Thanks to my latest CADwire Insights Weekly, I was pointed to a recently published white paper from Cyon Research (free to download) on managing reprographics in construction projects, with a particular focus on a solution from Océ (Océ Repro Desk Professional).
It raises some interesting issues for construction project teams, particularly those which have been increasingly using web-based project extranet tools, and shifting towards a "less-paper" working environment. Of course, there will always be a requirement for paper at site level (I have visited several projects where the extranet solution is configured to send drawings to a bureau so that site-based staff can have printed drawings for on-site use), but many office-based individuals are happy to produce, publish, download, view and mark-up drawings online, without resorting to printed plot files.
The white paper says extranets "are designed to manage and distribute electronic documents but do not control or automate the thorny problem of getting the plots right". As one might expect of a $3bn-plus supplier of printing and copying technology, Océ looks to fill this gap and to put "reprographers" at the heart of the project team’s IT strategy on the premise, as Cyon put it, that "paper is essential".
The paper doesn’t really detail any integration between the Océ product and other solutions such as extranets. While the latter may not be perfect for managing reprographic tasks, they offer huge benefits in terms of the completeness of the repository (a single source of all project-related information) and their audit trail functions, and, in many projects, they have prompted major changes in individuals’ behaviours, cutting their reliance on time-consuming and expensive-to-produce paper-based drawings, with corresponding cost savings and other quasi-tangible benefits.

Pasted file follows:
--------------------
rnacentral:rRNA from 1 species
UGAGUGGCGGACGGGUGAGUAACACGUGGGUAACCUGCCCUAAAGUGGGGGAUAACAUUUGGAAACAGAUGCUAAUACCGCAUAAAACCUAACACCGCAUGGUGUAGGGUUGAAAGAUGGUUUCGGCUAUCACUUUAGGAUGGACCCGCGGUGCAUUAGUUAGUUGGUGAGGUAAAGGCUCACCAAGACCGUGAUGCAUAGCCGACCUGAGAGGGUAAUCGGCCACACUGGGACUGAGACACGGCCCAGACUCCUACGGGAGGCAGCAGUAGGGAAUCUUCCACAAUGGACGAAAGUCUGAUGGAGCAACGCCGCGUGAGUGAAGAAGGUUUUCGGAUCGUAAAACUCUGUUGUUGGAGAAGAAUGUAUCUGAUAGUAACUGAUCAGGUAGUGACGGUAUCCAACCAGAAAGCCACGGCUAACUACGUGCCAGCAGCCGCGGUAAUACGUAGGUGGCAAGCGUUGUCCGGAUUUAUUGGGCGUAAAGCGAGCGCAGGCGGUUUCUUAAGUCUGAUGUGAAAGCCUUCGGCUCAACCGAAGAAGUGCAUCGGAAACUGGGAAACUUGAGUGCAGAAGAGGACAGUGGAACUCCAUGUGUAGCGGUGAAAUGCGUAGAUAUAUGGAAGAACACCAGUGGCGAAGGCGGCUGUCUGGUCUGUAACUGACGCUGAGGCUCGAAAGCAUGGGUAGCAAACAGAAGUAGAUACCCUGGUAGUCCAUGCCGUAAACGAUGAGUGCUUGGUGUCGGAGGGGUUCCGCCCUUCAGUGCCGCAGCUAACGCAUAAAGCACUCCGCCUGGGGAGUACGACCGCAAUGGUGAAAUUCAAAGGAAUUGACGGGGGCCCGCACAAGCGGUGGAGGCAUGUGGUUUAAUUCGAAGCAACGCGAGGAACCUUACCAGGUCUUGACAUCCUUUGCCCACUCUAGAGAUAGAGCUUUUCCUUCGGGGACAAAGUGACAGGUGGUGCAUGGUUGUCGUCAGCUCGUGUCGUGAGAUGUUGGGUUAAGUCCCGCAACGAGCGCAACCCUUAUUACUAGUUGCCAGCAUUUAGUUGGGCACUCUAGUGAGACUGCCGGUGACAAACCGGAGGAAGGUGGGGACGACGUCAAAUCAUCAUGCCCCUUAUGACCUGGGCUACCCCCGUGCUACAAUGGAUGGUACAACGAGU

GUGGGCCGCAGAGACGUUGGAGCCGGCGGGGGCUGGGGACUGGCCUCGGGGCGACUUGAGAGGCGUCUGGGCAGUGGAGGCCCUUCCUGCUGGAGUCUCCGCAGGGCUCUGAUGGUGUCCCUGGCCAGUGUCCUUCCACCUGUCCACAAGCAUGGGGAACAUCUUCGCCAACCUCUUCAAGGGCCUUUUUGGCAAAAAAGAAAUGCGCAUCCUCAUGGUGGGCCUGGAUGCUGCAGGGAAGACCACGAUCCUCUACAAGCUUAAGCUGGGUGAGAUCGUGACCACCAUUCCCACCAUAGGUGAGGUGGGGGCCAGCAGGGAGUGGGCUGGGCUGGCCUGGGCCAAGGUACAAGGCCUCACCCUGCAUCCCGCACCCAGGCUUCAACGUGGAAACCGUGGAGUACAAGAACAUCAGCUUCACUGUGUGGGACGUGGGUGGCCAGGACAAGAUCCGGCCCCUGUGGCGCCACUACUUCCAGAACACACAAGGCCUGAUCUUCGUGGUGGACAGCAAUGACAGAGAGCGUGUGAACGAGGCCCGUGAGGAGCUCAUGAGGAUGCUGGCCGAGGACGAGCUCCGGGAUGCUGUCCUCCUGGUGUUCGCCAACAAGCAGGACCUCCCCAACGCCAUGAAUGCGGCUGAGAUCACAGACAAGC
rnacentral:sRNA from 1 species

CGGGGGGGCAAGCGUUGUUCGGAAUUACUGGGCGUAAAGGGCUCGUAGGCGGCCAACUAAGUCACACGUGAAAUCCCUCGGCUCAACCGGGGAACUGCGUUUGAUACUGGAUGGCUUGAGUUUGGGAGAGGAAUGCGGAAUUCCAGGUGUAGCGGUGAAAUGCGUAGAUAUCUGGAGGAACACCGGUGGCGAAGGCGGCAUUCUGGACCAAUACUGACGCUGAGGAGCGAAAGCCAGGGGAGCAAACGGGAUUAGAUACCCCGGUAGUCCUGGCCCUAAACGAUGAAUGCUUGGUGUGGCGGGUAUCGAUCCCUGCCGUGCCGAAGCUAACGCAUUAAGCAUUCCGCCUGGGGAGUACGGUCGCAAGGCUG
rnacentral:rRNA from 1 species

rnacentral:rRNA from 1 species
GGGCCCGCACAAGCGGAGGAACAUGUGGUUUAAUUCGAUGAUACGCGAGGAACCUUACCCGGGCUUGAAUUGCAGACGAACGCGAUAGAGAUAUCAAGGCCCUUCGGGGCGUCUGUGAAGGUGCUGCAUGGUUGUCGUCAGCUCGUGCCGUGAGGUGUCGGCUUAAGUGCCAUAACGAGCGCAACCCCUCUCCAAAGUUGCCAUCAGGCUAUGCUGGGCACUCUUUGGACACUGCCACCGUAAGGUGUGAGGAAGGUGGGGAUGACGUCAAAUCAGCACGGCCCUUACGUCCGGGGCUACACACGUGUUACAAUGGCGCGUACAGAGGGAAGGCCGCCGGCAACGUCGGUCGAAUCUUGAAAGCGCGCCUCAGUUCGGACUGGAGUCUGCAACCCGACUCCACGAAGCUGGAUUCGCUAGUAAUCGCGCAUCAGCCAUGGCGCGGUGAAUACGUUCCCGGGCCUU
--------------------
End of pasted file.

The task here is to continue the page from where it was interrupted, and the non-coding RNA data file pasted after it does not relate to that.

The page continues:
As Cyon admit, some team members may not be "delighted" at "placing the reprographics firm in the role of a key enabler in the process". The Océ solution may be a forward step for teams which are still heavily reliant on paper, but it doesn’t appear from the white paper that it will reduce that reliance or reduce the volume of paper produced, nor will it deliver many of other tangible and quasi-tangible benefits experienced by extranet-enabled project teams.
Update 25 April 2006: I re-read the white paper on the train today (on-screen – Midland Mainline services include laptop power connections at most seats – see GNER post). I can see how the Océ solution might help projects which are being managed using largely conventional communications, but the suggested upside is not as convincing when pitched against a sophisticated extranet solution.
I think Cyon also underestimates the print management capabilities of some extranet solutions. BIW Information Channel, for example, offers an optional Autocad plug-in which allows designers to publish their CAD files to the extranet (in the required exchange format(s), etc, with the native file still available as a download) with a single click of a button.